4) Bribery. I want a Nook so bad I can taste it. So, I promised myself that if I win, I’ll buy one. Now, I’m just waiting for the money to appear. (wait! what the? there’s no prize $$ for winning NaNo? Dang!!)
And how do I feel about my winning story, Gateway to Hell? My story is just getting wound up, just started at about 47K words, actually, and part of me really wants to finish it. But first, I need to get through the holidays. I’ve got a house to decorate, Christmas cards to make, dinner rolls to make, gifts to buy. And since I’ve only got 2 weeks ’til the Big Day, I think I’ll take a break from writing and focus on the holiday and family. Probably should, since I kind of neglected the fam last month. So, my plan is to smother them with attention for the next two weeks, and then start a serious rewrite of Denim & Diamonds. Those characters have been talking to me again (and so have my characters from NaNo ’08. I hope this doesn’t mean I’m schizo. Then again, for a writer, is that a bad thing?), which is like slipping into my favorite pair of faded Tommy jeans on a Sunday morning. It feels right. Who knows, maybe with a touch more suspense and a dash more sex . . . it might end up being a whole new book!
So, that’s how I did it and those are my writing plans now that NaNo is over and I must return to the land of mortals . . . what are yours?
I haven’t participated in NaNo for the past couple of years, but I miss it. Still keep up with the NaNo site over November, and when it’s over – and after I congratulate all the winners and see how my buddies did, I realize just how amazing the movement that is NaNo is. It’s AMAZING! I’m so proud to have been a part of it in past years.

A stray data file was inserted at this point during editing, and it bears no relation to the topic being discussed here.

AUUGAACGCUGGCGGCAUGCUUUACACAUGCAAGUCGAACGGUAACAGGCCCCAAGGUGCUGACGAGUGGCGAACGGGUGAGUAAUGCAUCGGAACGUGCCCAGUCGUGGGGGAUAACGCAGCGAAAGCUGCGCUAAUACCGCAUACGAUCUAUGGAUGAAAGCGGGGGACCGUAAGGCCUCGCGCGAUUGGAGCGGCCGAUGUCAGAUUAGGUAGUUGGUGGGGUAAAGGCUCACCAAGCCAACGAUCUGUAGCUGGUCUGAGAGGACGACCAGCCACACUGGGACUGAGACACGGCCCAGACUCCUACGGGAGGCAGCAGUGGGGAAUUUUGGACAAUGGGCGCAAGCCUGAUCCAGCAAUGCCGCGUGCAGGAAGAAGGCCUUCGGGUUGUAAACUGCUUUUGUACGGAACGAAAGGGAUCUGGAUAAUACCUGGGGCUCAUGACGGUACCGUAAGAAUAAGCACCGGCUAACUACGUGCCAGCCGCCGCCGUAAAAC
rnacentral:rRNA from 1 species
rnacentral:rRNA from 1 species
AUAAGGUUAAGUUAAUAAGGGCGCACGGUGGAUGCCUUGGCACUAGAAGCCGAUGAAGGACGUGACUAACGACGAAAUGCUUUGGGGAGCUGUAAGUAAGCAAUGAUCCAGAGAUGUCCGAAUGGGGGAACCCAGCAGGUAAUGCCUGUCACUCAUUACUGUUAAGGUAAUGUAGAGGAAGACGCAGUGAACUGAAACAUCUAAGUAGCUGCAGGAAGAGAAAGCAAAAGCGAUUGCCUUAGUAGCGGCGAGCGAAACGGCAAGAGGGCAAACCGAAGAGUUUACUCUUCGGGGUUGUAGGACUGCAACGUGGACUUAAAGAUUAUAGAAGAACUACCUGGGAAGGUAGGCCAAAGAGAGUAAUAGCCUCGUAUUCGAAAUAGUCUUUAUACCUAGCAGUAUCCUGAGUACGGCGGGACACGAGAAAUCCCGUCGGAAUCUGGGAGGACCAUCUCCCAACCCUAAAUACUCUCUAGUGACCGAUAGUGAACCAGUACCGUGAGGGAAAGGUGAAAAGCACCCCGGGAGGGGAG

I can’t help feeling a little sad in December. I’m proud of the winners, for persevering, and for making writing a priority for 30 days – a mere 1/12th of the year. I know that many of those folks are now feeling depressed. They miss thinking about story, characters, plot, setting, tempo. They miss the frequent emails from writing buddies.
But now that I’ve transitioned out of NaNo and into writing throughout the year, I feel more like a true writer. I feel pulled in 20 different directions at times, but my writing is consistent. I have one novel polished (and an editor has requested the full – cross your fingers!!), another novel in rewrite, and several novels drafted. I have made writing a priority throughout the year, and I feel as if I’ve made real progress in my skill set since I’ve done that. NaNo was wonderful for teaching me how to turn off the dreaded Internal Editor and push through that first draft until I reach “The End.”
Have you participated in NaNo? If so, what did it teach you? And have you continued to participate?
This is the 2nd year in a row I haven’t participated in National Novel Writing Month. And it bums me out. I won NaNo eight times – every year I participated, I ended the month with a first draft that I was proud of. Last year, I decided that I had outgrown NaNo and owed it to myself to finish something, and take my writing more seriously. But I still miss NaNo. What do I miss?
Maybe I need to do my own version of NaNo this month. I think I need a write-in . . .